Refusing to uphold an unconstitutional death sentence, the U.S. Court of Appeals for the Fourth Circuit held on March 22, 2023, that the State’s forfeiture of a procedural defense in a habeas corpus appeal could not be revived after a remand from the Supreme Court. See Stokes v. Stirling, 2023 U.S. App. LEXIS 6881 (Mar. 22, 2023).
Over 20 years ago, Sammie Stokes was convicted of murder and sentenced to death in a South Carolina State court. When all his appeals and state post-conviction challenges were denied, Stokes filed for habeas corpus relief under 28 U.S.C. § 2254 in federal court. He raised, among other claims, that his trial lawyers were constitutionally ineffective for not presenting mitigating evidence of his strained upbringing at sentencing. However, this claim was not exhausted in state court, as required by federal habeas law, so the magistrate judge held an evidentiary hearing to determine whether Stokes’s post-conviction review (PCR) counsel had failed to raise this claim.
The State objected to the federal court holding an evidentiary hearing, arguing that the Antiterrorism and Effective Death Penalty Act (AEDPA) bars the court from considering any evidence that was not part of the existing state-court record at the time of the federal habeas filing. This provision, under § 2254(e)(2), states:
If the applicant has failed to develop the factual basis of a claim in State court proceedings, the court shall not hold an evidentiary hearing on the claim unless the applicant shows that—
(A) the claim relies on—
(i) a new rule of constitutional law, made retroactive to cases on collateral review by the Supreme Court, that was previously unavailable; or
(ii) a factual predicate that could not have been previously discovered through the exercise of due diligence; and
(B) the facts underlying the claim would be sufficient to establish by clear and convincing evidence that but for constitutional error, no reasonable factfinder would have found the applicant guilty of the underlying offense.
However, the federal court may hold an evidentiary hearing to determine whether state PCR counsel was ineffective for not raising a “substantial” claim in state court to excuse non-exhaustion of the claim in state court. Martinez v. Ryan, 566 U.S. 1 (2012). The State acknowledged this much but did object to the federal court’s use of any evidence obtained at the evidentiary hearing to reach the merits of Stokes’s claims.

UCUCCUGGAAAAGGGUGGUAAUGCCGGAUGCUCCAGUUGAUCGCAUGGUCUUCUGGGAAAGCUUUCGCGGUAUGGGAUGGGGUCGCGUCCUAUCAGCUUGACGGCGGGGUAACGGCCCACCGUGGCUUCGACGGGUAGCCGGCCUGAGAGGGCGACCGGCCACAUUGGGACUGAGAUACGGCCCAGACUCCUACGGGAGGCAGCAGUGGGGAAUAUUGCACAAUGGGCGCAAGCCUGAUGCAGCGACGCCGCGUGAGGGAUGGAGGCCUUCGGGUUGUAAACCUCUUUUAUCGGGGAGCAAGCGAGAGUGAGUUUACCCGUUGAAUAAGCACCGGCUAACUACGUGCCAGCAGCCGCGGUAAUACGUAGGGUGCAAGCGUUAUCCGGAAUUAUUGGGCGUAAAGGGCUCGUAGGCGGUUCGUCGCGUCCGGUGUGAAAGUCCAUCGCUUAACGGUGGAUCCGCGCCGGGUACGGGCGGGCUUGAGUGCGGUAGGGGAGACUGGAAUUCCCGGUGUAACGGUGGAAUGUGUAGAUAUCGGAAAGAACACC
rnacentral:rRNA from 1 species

When the magistrate judge submitted her report and recommendation (R&R), the judge found that Stokes’s ineffective assistance of counsel (IAC) claims were without merit. While the judge in fact relied on evidence obtained at the limited evidentiary hearing to reach this conclusion, the State failed to object to the R&R, instead agreeing with the final outcome. The district judge then adopted the R&R and denied Stokes’s habeas petition.
Stokes appealed, and the Fourth Circuit reversed the denial of relief. The Court, relying on the same evidence the magistrate had used, found that Stokes’s trial lawyers were ineffective. The State appealed to the Supreme Court, which then granted certiorari, vacated the Fourth Circuit’s order, and remanded for reconsideration in light of Shinn v. Ramirez, 142 S. Ct. 1718 (2022), where the Supreme Court held that a federal habeas court may not hold an evidentiary hearing unless the restrictive conditions of 28 U.S.C. § 2254(e)(2) are satisfied